So, again, how does one resolve this friction between the opposing selves that smash together as the echoes of Good and Evil vie for voice in a creative work? I would argue that the only hope for the art (as distinct from the artist) is the tenuous maintenance of that exact friction. Not a balance! Rather just the reverse: a wild, precariously swaying seesaw right on the brink of a ten-thousand-foot drop onto spikes. Let one voice hold the upper hand too long, and your work becomes mere polemic. Owen Barfield, longtime friend of Lewis and Tolkien, said that to write love poetry, you must be in love—but to edit the results, you must be out of it. In the same way, we must let ourselves be at one moment wave-thrown jetsam, red meat in powerful, merciless jaws—and at the next moment, coolly in command of the dueling cyclones within. No doubt this is true of any meaningful artistry, but I suspect it’s especially crucial for the horror writer, constantly working with the radioactive materials of ancient racial memories, ancestral dreads, and subconscious hatreds and rapacities. And, if you believe in such things, with the charred, mesmerizing raw materials of Hell.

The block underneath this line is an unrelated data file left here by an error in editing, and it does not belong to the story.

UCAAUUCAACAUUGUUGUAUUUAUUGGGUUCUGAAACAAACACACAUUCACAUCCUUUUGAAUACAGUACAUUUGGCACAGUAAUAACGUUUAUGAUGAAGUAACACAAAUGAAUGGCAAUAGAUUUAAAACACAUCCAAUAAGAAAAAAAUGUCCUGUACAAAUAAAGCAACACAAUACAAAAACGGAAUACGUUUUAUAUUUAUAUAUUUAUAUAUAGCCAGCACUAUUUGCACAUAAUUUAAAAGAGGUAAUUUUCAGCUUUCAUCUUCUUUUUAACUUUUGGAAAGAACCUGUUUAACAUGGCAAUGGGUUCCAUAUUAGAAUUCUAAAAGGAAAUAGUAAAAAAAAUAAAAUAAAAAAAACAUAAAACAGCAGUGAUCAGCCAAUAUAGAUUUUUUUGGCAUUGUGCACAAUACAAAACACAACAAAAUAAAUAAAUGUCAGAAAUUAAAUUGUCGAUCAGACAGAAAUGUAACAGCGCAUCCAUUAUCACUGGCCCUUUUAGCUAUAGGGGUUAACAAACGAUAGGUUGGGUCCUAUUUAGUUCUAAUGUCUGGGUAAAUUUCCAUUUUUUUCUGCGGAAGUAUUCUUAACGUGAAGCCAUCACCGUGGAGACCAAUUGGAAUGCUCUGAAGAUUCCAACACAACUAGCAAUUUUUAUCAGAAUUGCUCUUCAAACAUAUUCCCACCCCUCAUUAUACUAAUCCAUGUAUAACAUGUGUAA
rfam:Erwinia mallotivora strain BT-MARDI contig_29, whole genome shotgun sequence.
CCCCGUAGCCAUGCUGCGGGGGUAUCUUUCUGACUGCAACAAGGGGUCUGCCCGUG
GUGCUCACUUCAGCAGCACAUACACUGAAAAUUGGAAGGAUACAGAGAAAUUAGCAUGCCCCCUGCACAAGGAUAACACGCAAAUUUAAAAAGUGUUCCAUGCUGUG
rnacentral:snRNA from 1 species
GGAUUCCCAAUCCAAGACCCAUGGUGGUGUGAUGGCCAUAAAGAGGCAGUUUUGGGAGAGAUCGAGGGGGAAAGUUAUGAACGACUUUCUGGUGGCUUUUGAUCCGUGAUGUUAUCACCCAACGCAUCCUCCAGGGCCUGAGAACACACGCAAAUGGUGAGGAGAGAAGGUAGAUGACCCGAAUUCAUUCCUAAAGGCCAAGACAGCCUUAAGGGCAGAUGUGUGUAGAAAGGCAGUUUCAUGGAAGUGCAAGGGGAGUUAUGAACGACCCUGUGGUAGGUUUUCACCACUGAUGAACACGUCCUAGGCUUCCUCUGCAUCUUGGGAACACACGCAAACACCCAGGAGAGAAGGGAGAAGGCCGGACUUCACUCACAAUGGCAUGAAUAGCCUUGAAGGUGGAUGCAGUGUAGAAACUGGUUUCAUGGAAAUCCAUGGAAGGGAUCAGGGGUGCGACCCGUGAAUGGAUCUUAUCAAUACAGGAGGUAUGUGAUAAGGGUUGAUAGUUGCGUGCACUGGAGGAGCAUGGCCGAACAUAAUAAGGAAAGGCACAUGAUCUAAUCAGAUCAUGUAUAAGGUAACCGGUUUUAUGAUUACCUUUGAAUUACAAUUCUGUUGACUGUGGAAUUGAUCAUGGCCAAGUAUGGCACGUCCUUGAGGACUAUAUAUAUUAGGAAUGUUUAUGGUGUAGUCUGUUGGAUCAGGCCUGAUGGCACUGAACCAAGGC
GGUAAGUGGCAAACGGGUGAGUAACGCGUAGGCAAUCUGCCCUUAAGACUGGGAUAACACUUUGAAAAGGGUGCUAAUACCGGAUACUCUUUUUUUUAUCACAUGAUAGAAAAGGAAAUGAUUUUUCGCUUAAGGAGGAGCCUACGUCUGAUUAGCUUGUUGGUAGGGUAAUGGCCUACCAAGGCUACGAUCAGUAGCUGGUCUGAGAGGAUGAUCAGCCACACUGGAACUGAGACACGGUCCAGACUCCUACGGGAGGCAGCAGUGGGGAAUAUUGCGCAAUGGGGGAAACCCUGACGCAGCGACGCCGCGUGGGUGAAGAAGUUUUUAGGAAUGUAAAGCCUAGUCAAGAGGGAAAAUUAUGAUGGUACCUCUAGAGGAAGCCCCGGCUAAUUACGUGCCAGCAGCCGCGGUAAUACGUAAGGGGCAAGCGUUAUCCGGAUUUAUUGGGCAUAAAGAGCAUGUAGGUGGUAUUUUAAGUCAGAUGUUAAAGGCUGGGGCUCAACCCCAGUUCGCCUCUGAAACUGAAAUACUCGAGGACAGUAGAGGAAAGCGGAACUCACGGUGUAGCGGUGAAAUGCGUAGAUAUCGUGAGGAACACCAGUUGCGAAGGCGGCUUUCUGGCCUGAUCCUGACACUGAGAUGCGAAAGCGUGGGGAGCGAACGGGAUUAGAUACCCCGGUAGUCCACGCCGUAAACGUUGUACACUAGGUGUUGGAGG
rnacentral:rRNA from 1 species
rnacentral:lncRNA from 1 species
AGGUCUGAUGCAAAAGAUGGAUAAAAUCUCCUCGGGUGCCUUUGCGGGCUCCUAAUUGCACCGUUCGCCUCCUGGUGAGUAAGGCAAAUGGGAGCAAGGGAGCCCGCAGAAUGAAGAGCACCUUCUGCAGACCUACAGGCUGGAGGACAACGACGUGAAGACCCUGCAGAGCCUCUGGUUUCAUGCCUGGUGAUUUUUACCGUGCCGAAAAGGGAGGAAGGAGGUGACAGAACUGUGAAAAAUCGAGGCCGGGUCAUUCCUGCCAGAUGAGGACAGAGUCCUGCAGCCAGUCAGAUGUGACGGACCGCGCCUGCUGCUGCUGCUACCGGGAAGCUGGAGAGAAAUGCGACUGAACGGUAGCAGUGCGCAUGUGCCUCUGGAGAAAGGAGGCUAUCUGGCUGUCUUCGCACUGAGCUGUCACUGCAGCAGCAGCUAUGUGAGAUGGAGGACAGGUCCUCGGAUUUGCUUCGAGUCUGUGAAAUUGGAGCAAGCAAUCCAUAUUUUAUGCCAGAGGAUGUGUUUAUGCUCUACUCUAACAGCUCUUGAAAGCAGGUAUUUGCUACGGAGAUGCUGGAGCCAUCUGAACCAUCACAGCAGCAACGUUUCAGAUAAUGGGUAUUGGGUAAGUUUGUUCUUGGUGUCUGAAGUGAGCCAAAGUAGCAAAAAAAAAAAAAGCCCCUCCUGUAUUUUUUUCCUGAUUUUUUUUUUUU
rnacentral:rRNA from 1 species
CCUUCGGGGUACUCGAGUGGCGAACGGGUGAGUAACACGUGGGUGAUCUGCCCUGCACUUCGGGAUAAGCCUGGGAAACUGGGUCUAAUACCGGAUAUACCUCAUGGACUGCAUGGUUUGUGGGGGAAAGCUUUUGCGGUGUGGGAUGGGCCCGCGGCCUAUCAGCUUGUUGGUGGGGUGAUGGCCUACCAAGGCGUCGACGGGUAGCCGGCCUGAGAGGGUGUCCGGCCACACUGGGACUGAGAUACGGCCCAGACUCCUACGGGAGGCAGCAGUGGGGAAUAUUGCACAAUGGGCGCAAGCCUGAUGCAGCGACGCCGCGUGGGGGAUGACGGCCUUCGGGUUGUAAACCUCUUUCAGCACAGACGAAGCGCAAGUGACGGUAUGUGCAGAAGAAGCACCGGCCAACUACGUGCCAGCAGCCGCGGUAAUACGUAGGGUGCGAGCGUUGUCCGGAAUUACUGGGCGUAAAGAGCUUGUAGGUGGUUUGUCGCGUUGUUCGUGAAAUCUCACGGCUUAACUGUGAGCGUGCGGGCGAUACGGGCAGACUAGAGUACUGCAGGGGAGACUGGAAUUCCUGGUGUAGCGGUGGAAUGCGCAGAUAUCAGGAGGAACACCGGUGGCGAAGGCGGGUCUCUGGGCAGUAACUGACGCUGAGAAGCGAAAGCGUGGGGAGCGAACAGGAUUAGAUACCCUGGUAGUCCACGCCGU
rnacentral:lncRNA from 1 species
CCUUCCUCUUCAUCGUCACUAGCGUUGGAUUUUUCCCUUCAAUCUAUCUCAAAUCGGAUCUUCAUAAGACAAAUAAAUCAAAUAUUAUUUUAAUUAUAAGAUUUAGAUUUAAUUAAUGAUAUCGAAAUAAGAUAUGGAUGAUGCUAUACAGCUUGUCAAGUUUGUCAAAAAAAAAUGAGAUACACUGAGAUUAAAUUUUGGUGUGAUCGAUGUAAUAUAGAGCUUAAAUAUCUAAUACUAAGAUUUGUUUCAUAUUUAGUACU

But, well—someone has to do it. Someone has to tell the stories, because stories are how we work out the business of existing, how we encapsulate and extrude our being into reality—how we are. Someone has to tell them, and that means talking about evil. Tolkien once said every story is, ultimately, about the Fall. How dare we talk about it? How dare we not? How the fuck, and why the fuck, are we all so multitudinous?

St. Paul was the great writer of the early Church. He wrote the Epistles, the letters to various nascent Christian communities, that make up about half of the New Testament. He once said, “I have become all things to all men, so that by all possible means I might save some” (1 Corinthians 9:22). Maybe that’s what writing is. Maybe that’s especially what horror writing is. If my work inoculates you, even just a tiny bit, against the darkness, then maybe I can help you to survive it when it comes. Because it always comes, and there’s always a part of us that doesn’t recoil—a part that welcomes it, takes down the crucifix and garlic, and invites it in. The trick is not to be that part of ourselves in the moment when it counts. And if I can help you do that, then it’s worth whatever price I have to pay.

You may also like...